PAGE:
North Korea’s Conventional Forces What Are Their Capabilities?

While we regularly hear about North Korea’s ballistic missile and nuclear weapon programs, we rarely hear anything about their conventional armed forces.  An analysis by the U.S. Department of Defense helps shed some light on the hermit kingdom’s military capabilities.

By way of introduction, out of 133 nations considered to be military powers, Global Firepower puts North Korea in 23rd place globally with the following manpower potential:

1.) Ground Forces:

Let’s open with this map showing the locations and types of North Korea’s ground forces:

The Korean People’s Army (KPA) ground forces consist primarily of regular and light infantry units are located in forward-deployed and fortified facilities, thousands of which are underground.  These forces are supported by armour and heavy artillery and have both long-range cannons and rocket artillery that can reach South Korea’s capital, Seoul.

The KPA’s artillery force includes 170-mm guns and 240-mm multiple rocket launchers (MRLs), many of which are located along the demilitarized zone which separates North and South Korea.  Here is a video showing North Korea’s latest installations of multiple rocket launchers located on an island in the West Sea region located along the west coast of the Korean Peninsula:

Here is a video from North Korean television from 2016 showing the nation’s artillery and rocket capabilities:

In October 2015, North Korea unveiled the latest iteration of its multiple rocket launcher, a large calibre MRL that has eight rocket tubes on a wheeled chassis, showing that, despite its grinding poverty and limited funding, the DPRK still has the ability to produce and upgrade its ground forces.

2.) Air Forces:

Here is summary of North Korea’s air power capabilities:

Here is a map showing the locations of North Korea’s air force bases:

The North Korean Air Force (NKAF) has an estimated fleet of more than 1,300 aircraft, most of which are Soviet-era models.  Since much of its current air fleet is technologically less capable than its adversaries,  North Korea relies heavily on both surface-to-air missiles and anti-aircraft artillery to protect its airspace.  Its most capable combat aircraft are MiG-29s that it acquired from the Soviet Union in the late 1980s as well as its MiG-23s and SU-25 ground-attack aircraft.  The NKAF also has a fleet of several hundred helicopters (contradicts the numbers used by Global Firepower) which could be used for both ground attacks and troop transportation; the fleet even has some U.S. manufactured MD-500 helicopters.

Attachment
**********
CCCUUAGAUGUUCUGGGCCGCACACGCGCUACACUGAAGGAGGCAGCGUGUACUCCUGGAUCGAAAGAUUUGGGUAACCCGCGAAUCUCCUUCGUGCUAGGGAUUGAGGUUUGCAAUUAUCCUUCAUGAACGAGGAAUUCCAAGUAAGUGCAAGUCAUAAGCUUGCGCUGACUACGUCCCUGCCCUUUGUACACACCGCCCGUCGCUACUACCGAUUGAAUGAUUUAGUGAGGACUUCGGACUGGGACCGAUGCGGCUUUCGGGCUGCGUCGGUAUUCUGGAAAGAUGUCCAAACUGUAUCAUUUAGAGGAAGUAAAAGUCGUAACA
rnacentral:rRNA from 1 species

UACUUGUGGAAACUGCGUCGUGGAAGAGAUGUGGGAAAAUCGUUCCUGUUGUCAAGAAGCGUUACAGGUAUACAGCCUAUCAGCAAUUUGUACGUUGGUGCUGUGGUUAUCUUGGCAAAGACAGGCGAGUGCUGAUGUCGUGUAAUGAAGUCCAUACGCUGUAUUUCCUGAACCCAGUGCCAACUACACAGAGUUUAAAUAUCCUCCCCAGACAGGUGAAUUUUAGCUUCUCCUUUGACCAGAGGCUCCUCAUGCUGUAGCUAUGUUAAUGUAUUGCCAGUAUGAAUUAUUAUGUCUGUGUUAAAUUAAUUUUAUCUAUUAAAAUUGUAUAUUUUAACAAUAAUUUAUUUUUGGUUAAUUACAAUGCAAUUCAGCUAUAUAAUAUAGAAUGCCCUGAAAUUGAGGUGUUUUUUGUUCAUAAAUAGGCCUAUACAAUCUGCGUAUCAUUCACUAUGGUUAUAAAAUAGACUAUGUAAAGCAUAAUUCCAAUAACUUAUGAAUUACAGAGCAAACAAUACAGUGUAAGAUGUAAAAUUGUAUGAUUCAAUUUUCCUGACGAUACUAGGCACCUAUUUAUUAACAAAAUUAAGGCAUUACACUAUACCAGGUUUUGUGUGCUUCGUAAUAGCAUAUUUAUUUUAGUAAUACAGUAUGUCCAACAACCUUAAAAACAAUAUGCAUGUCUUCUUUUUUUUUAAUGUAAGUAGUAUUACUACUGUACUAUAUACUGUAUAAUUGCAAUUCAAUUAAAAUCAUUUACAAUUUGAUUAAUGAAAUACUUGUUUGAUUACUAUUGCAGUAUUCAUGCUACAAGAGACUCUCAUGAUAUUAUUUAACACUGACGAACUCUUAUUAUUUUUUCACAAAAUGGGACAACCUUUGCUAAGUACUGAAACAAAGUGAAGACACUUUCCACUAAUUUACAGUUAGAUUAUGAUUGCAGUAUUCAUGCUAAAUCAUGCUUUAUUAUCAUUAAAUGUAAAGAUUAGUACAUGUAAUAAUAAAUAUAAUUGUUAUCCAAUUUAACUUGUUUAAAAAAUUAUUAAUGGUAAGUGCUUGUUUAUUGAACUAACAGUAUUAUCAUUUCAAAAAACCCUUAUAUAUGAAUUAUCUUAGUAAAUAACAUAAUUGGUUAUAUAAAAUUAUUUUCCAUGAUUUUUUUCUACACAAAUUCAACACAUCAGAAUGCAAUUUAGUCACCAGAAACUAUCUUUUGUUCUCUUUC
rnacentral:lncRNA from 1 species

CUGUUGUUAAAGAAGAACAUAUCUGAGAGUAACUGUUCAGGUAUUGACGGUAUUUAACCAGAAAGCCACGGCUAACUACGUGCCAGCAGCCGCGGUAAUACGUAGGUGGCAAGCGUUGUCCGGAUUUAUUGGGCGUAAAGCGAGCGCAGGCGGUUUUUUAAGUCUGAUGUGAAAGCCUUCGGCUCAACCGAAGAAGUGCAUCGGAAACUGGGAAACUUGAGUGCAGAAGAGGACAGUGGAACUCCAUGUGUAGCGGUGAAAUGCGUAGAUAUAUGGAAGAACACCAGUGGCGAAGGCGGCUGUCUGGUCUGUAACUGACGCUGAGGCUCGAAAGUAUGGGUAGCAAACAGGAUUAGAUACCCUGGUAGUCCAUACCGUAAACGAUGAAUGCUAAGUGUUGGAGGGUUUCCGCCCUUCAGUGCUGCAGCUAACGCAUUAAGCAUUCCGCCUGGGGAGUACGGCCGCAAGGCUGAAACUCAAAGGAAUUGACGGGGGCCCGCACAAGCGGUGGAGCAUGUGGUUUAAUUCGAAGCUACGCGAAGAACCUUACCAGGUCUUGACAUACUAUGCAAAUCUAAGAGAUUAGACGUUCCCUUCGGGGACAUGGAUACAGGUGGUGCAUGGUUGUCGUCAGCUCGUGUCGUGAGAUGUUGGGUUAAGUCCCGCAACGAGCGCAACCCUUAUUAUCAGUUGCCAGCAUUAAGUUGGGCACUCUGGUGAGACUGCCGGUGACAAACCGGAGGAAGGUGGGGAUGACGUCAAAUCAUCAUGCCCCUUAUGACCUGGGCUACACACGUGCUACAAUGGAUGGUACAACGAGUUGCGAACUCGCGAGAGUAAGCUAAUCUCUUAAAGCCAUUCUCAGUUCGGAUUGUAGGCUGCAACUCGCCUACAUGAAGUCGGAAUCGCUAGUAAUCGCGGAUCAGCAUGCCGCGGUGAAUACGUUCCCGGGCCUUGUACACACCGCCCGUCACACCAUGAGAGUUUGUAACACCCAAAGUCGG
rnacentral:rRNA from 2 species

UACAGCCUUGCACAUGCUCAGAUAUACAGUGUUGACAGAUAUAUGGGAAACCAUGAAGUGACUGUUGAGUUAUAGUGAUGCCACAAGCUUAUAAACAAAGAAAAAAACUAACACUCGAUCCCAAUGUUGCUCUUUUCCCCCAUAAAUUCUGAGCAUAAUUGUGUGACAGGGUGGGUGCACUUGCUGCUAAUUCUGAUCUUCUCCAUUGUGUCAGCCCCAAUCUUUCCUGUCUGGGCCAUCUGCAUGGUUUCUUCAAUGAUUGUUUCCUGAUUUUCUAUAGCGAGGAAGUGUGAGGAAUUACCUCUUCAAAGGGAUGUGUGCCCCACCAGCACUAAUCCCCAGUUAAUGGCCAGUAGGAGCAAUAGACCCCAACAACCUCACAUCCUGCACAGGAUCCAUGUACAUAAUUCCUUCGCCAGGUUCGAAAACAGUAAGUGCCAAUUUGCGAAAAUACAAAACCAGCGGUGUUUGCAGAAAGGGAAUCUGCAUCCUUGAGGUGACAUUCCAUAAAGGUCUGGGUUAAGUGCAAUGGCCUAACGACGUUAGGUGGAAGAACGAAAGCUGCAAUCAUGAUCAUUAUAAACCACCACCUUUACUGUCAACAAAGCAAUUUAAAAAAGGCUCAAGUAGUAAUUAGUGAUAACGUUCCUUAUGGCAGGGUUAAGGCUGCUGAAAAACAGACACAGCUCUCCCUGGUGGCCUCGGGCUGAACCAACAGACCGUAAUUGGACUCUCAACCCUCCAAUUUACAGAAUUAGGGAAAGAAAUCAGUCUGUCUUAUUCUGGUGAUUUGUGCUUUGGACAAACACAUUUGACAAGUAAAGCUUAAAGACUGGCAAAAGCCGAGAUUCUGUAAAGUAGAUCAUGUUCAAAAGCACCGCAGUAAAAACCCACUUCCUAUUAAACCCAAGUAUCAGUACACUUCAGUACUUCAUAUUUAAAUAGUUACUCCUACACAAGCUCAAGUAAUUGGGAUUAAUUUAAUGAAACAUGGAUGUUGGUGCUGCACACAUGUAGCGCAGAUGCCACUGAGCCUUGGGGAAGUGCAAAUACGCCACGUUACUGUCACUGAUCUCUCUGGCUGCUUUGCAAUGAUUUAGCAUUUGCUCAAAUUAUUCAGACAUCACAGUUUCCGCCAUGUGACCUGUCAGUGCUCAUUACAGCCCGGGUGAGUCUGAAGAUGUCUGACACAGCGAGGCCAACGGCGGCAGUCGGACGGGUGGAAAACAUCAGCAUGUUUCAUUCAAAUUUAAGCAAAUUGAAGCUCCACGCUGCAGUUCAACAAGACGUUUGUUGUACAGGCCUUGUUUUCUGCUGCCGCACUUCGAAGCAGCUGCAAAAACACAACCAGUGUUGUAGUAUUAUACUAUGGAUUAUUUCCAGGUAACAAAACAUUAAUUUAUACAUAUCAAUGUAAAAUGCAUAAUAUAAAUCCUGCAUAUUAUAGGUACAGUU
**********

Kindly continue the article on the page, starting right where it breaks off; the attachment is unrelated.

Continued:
The NKAF is also developing a series of unmanned aerial vehicles (UAVs), a program that has been in place since the late1980s when North Korea acquired its first UAV from China.  The nation’s largest drone is said to be derived from a U.S.-made Beechcraft MQM-107D Streaker which was likely acquired from Syria or Egypt.  Here is another North Korean drone that crashed on the island of Baengnyeon-do, 201 kilometres northwest of Seoul, which resembles a miniature aircraft:

This UAV was equipped with onboard GPS and was autonomous, programmed to return to the North Korean airfield from which it was launched.  It flew at an altitude of 3000 metres, above the effective range of South Korea’s Vulcan air defense weapons.  It eventually crashed due to engine failure after a flight of 105 kilometres.  

Here is a photograph of a North Korean UAV taken during a July 2013 military parade:

3.) Navy

Here is a map showing the locations of North Korea’s naval bases:

The North Korean Navy (NKN) is the smallest of North Korea’s armed services and is divided into two fleets, one for each of the east and west coasts.  The NKN has one of the world’s largest fleets of submarines with a total of roughly 70 attack-, coastal-, and midget-submarines.  Here is a brief video showing North Korea’s submarine capabilities:

The NKN also has a coastal force that is made up of small patrol craft armed with a variety of anti-ship cruise missiles and torpedoes.  It also has a fleet of hovercraft and conventional landing craft that could be used to support an invasion.

4.) Special Forces:

North Korea’s Special Operations Forces (SOF) are among the most highly trained and motivated forces in the Korean People’s Army.  Given the relative capability gap of the KPA when compared to the United States, it appears that North Korea regards the SOF as vital since they are capable of launching rapid defensive operations against foreign attacks or as a force to attack South Korea’s vulnerable targets.  Special Operations Forces are moved by air, navy and by foot and can also travel through the network of tunnels that cross the demilitarized zone.  Here is a video showing the North Korean tunnel (3rd Infiltration Tunnel) which would have been used to infiltrate South Korea:

As you can see, while North Korea may not have the military might to defeat a coalition of forces led by the United States, it is apparent that their current military strength could lead to a long war of attrition would be very costly in terms of men and materiel for both sides of any conflict.  But then again, it’s war that keeps the the global military-industrial complex swimming in profits.

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